Cylindrical Robot : Diagram , Construction , Applications
Cylindrical Coordinate Robots are robots whose axes form a cylindrical coordinate system. Used for
-handling at machine tools,
-spot welding, and
-handling at die casting machines.
The motion of the main arm is up and down. The robot can perform this motion by extending a cylinder that’s built into the arm. In most cylindrical robots, the up-and-down motion is provided by a pneumatic cylinder, and the rotation is generally provided by a motor and gears.
Construction Of Cylindrical Robot:
- consists of two orthogonal slides, placed at 90° angle, mounted on a rotary axis
• Reach is accomplished as the arm of the robot moves in and out.
• For vertical movement, the carriage moves up and down on a stationary post, or the post can move up and down in the base of the robot.
• Movement along the three axes traces points on a cylinder
• A cylindrical configuration generally results in a larger work envelope than a Cartesian configuration.
Cylindrical Coordinate System
A cylindrical coordinate system is a three-dimensional coordinate system that specifies point positions by the distance from a chosen reference axis, the direction from the axis relative to a chosen reference direction, and the distance from a chosen reference plane perpendicular to the axis. The latter distance is given as a positive or negative number depending on which side of the reference plane faces the point.
The origin of the system is the point where all three coordinates can be given as zero. This is the intersection between the reference plane and the axis.
The axis is variously called the cylindrical or longitudinal axis, to differentiate it from the polar axis, which is the ray that lies in the reference plane, starting at the origin and pointing in the reference direction.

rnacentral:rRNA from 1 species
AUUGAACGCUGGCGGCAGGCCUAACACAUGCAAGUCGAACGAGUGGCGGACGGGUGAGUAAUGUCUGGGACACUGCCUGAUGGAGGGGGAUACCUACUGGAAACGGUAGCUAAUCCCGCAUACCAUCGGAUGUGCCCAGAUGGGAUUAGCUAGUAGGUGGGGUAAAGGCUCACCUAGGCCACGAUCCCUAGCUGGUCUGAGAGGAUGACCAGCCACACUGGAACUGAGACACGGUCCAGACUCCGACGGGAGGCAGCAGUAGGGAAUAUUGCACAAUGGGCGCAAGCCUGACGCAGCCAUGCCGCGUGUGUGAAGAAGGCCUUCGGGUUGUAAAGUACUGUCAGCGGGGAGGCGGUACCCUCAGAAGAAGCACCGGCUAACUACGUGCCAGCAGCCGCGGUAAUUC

The distance from the axis may be called the radial distance or radius, while the angular coordinate is sometimes referred to as the angular position or as the azimuth. The radius and the azimuth are together called the polar coordinates, as they correspond to a two-dimensional polar coordinate system in the plane through the point, parallel to the reference plane. The third coordinate may be called the height or altitude (if the reference plane is considered horizontal), longitudinal position,or axial position.
However, cylindrical configurations have some disadvantages.
– Their overall mechanical rigidity is reduced because robots with a rotary axis must overcome the inertia of the object when rotating.
– Their repeatability and accuracy is also reduced in the direction of rotary movement.
– The cylindrical configuration requires a more sophisticated control system than the Cartesian configuration.
Application Of Cylindrical Configurations
Typical Applications for Cylindrical Configurations Include The Following:
• Machine loading and unloading
• Investment casting
• Conveyor pallet transfers
• Foundry and forging applications
• General material handling and special payload handling and manipulation
• Meat packing
• Coating applications
• Injection molding
• Die casting
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